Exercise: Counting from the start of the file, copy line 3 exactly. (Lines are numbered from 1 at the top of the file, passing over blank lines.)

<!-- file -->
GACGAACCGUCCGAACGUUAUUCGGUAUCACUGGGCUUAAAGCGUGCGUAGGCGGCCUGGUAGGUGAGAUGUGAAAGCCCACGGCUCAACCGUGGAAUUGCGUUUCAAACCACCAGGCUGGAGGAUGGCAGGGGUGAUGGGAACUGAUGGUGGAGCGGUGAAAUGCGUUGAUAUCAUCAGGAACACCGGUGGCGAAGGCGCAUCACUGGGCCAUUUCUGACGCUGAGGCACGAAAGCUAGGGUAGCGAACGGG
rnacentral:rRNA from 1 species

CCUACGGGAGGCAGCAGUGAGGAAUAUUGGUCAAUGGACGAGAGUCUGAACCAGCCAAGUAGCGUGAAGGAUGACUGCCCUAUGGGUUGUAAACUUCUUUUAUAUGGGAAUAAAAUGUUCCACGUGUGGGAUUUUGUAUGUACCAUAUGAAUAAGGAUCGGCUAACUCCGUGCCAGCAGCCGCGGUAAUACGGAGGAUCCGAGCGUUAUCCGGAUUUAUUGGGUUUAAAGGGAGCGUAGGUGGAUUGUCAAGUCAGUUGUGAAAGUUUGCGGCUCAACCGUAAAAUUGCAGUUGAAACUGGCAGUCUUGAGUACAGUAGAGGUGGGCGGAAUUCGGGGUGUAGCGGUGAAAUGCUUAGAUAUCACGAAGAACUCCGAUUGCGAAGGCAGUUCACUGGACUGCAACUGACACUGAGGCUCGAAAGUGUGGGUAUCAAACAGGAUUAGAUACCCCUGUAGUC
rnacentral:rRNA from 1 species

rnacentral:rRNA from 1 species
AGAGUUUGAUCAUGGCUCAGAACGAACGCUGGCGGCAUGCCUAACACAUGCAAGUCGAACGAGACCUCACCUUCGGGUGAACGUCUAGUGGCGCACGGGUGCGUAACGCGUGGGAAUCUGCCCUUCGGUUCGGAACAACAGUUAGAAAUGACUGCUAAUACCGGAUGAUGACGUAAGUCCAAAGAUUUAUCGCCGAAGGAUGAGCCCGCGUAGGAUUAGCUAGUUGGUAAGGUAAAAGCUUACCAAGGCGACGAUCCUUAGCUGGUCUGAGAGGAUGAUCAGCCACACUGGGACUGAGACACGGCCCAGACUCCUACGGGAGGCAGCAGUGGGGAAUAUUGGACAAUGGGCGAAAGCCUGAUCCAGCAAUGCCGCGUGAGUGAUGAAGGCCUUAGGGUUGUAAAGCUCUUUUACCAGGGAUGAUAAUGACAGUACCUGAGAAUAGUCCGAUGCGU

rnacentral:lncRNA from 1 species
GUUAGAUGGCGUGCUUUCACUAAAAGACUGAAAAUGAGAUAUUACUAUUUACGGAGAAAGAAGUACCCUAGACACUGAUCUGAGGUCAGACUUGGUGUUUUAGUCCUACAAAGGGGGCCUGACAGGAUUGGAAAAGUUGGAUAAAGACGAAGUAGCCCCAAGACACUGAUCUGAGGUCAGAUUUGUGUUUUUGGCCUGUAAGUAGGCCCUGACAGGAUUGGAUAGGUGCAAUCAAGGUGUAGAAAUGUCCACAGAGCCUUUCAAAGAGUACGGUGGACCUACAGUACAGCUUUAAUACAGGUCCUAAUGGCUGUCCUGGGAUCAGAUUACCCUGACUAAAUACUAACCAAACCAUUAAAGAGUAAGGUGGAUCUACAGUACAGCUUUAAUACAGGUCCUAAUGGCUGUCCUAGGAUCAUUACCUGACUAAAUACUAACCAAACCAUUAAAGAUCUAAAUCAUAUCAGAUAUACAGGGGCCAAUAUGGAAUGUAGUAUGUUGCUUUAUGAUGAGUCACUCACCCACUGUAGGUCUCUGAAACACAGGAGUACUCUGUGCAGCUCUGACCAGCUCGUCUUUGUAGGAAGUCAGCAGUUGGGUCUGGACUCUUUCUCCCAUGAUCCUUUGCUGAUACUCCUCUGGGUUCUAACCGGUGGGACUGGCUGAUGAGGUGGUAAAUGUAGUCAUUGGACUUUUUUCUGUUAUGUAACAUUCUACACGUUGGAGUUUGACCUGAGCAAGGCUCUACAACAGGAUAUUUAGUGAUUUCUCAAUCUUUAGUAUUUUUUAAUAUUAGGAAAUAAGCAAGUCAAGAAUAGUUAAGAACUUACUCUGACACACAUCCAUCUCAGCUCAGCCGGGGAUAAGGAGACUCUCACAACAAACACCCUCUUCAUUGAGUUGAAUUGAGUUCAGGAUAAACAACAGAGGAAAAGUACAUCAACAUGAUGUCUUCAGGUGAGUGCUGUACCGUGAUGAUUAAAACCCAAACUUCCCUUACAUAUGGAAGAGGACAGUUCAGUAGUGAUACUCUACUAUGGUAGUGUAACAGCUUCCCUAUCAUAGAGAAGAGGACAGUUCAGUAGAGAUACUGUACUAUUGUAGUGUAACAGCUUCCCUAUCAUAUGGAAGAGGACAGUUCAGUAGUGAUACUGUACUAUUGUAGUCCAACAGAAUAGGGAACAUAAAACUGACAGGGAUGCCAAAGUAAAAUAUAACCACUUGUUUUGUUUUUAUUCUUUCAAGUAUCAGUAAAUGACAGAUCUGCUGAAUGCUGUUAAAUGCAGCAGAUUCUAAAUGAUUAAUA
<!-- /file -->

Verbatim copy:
CCUACGGGAGGCAGCAGUGAGGAAUAUUGGUCAAUGGACGAGAGUCUGAACCAGCCAAGUAGCGUGAAGGAUGACUGCCCUAUGGGUUGUAAACUUCUUUUAUAUGGGAAUAAAAUGUUCCACGUGUGGGAUUUUGUAUGUACCAUAUGAAUAAGGAUCGGCUAACUCCGUGCCAGCAGCCGCGGUAAUACGGAGGAUCCGAGCGUUAUCCGGAUUUAUUGGGUUUAAAGGGAGCGUAGGUGGAUUGUCAAGUCAGUUGUGAAAGUUUGCGGCUCAACCGUAAAAUUGCAGUUGAAACUGGCAGUCUUGAGUACAGUAGAGGUGGGCGGAAUUCGGGGUGUAGCGGUGAAAUGCUUAGAUAUCACGAAGAACUCCGAUUGCGAAGGCAGUUCACUGGACUGCAACUGACACUGAGGCUCGAAAGUGUGGGUAUCAAACAGGAUUAGAUACCCCUGUAGUC